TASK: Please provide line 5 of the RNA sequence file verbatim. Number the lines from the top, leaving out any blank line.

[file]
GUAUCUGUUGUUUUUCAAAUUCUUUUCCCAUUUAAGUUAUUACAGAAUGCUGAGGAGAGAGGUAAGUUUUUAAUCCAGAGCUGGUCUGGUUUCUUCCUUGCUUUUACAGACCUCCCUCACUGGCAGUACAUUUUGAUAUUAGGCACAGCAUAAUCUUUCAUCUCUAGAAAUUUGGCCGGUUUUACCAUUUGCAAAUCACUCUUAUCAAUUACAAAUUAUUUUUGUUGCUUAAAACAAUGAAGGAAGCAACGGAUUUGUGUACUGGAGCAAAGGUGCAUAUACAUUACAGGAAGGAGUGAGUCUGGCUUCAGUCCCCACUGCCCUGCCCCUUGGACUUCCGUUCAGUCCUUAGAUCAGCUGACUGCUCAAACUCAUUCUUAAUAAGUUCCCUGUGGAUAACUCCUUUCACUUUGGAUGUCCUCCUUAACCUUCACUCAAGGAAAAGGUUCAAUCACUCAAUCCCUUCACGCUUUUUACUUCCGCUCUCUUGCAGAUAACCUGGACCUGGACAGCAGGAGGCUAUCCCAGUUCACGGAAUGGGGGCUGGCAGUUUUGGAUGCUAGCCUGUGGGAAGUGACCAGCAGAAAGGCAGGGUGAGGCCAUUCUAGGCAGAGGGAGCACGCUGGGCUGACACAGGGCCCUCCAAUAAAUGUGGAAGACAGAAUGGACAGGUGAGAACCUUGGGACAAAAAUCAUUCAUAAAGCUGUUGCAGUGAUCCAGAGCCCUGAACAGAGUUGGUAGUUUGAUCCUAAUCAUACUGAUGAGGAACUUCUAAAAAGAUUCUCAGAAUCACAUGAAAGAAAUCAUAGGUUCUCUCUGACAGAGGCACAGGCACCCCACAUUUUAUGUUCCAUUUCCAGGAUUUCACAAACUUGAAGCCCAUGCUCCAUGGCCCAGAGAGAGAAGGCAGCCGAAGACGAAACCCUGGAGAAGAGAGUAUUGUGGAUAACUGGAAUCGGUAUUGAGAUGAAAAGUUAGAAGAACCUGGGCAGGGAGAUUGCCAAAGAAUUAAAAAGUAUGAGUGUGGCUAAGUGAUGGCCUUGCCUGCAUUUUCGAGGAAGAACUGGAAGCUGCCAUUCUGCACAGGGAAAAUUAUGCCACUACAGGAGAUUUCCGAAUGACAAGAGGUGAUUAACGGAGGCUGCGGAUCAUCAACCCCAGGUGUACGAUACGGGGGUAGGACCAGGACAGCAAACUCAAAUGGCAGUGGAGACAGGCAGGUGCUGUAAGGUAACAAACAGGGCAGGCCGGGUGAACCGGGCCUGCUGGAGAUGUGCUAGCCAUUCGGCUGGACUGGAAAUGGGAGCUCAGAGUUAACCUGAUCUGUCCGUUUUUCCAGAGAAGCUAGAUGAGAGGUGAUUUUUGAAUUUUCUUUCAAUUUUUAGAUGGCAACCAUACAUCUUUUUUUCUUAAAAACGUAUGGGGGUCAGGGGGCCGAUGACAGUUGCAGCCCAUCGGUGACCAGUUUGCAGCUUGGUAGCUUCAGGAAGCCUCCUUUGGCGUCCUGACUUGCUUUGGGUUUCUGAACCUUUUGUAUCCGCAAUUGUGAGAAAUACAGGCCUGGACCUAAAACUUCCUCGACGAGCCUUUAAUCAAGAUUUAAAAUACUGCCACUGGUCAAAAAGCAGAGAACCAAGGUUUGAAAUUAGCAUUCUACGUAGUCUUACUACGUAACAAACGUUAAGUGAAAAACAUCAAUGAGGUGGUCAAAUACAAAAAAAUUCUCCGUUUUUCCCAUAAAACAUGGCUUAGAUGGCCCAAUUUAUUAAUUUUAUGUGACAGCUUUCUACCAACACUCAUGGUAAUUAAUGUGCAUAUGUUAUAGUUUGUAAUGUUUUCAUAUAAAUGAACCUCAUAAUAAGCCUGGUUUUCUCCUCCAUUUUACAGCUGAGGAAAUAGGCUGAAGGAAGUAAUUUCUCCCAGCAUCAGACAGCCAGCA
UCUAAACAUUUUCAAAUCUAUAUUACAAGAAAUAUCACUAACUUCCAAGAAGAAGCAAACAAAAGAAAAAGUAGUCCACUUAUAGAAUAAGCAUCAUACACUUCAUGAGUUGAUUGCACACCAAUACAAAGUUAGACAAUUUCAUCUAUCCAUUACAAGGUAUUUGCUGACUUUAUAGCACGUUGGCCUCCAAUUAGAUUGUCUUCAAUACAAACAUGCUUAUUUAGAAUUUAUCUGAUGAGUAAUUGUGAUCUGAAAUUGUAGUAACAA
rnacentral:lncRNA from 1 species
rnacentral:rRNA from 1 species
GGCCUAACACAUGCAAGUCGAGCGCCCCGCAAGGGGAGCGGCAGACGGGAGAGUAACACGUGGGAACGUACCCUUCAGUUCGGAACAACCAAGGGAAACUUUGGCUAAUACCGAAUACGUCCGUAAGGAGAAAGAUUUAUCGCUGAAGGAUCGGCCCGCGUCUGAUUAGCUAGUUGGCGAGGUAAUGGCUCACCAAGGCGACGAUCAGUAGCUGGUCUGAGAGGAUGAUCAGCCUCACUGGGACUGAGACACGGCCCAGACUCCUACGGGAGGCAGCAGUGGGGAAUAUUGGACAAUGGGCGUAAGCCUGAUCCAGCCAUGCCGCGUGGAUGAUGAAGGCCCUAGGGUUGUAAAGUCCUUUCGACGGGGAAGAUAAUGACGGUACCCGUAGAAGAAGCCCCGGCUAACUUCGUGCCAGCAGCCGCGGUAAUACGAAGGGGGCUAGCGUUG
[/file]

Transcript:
GGCCUAACACAUGCAAGUCGAGCGCCCCGCAAGGGGAGCGGCAGACGGGAGAGUAACACGUGGGAACGUACCCUUCAGUUCGGAACAACCAAGGGAAACUUUGGCUAAUACCGAAUACGUCCGUAAGGAGAAAGAUUUAUCGCUGAAGGAUCGGCCCGCGUCUGAUUAGCUAGUUGGCGAGGUAAUGGCUCACCAAGGCGACGAUCAGUAGCUGGUCUGAGAGGAUGAUCAGCCUCACUGGGACUGAGACACGGCCCAGACUCCUACGGGAGGCAGCAGUGGGGAAUAUUGGACAAUGGGCGUAAGCCUGAUCCAGCCAUGCCGCGUGGAUGAUGAAGGCCCUAGGGUUGUAAAGUCCUUUCGACGGGGAAGAUAAUGACGGUACCCGUAGAAGAAGCCCCGGCUAACUUCGUGCCAGCAGCCGCGGUAAUACGAAGGGGGCUAGCGUUG